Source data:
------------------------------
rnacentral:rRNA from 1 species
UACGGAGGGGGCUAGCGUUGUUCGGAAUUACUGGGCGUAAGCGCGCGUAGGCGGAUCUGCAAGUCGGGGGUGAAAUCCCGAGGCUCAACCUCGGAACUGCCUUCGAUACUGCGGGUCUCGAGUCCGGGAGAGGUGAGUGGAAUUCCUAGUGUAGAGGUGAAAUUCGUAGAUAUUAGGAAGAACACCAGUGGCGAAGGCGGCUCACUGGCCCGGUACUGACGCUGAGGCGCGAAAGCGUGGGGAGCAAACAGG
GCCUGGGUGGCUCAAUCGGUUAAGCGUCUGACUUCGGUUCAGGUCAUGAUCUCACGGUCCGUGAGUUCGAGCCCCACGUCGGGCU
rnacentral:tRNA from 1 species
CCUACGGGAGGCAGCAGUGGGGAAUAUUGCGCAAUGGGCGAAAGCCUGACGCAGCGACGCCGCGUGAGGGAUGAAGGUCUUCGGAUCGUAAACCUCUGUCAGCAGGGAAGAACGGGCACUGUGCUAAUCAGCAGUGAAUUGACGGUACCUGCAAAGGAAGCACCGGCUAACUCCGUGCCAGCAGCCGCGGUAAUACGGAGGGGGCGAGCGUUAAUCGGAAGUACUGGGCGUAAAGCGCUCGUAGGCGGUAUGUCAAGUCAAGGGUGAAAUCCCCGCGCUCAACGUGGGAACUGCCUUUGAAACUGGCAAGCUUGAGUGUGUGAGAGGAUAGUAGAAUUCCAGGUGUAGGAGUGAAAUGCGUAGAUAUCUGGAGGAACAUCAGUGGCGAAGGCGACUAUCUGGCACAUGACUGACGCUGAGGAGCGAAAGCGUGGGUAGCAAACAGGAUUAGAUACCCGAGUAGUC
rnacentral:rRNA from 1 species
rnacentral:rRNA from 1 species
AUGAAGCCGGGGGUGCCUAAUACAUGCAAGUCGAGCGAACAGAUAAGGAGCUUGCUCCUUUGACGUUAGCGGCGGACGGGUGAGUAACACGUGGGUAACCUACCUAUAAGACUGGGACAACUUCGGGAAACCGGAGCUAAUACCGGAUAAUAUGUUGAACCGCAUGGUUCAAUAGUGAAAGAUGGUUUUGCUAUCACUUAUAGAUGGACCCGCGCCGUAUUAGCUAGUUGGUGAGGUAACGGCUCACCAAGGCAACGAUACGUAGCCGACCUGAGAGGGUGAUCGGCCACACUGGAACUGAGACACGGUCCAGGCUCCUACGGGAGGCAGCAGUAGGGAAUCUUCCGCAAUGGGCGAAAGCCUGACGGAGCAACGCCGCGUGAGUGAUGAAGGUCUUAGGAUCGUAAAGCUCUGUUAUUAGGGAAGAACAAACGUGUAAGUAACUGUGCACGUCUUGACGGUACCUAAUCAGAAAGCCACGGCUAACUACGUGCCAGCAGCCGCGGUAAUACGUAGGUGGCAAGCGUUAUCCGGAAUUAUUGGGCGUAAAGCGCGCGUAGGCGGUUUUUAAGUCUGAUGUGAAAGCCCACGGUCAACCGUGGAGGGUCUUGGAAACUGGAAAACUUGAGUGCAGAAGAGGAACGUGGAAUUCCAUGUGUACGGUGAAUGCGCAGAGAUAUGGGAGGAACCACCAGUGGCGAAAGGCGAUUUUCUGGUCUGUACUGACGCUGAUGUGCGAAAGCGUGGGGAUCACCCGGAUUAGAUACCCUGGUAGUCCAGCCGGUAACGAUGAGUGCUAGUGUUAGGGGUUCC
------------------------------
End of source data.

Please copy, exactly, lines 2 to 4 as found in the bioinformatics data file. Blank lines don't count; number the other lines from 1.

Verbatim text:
UACGGAGGGGGCUAGCGUUGUUCGGAAUUACUGGGCGUAAGCGCGCGUAGGCGGAUCUGCAAGUCGGGGGUGAAAUCCCGAGGCUCAACCUCGGAACUGCCUUCGAUACUGCGGGUCUCGAGUCCGGGAGAGGUGAGUGGAAUUCCUAGUGUAGAGGUGAAAUUCGUAGAUAUUAGGAAGAACACCAGUGGCGAAGGCGGCUCACUGGCCCGGUACUGACGCUGAGGCGCGAAAGCGUGGGGAGCAAACAGG
GCCUGGGUGGCUCAAUCGGUUAAGCGUCUGACUUCGGUUCAGGUCAUGAUCUCACGGUCCGUGAGUUCGAGCCCCACGUCGGGCU
rnacentral:tRNA from 1 species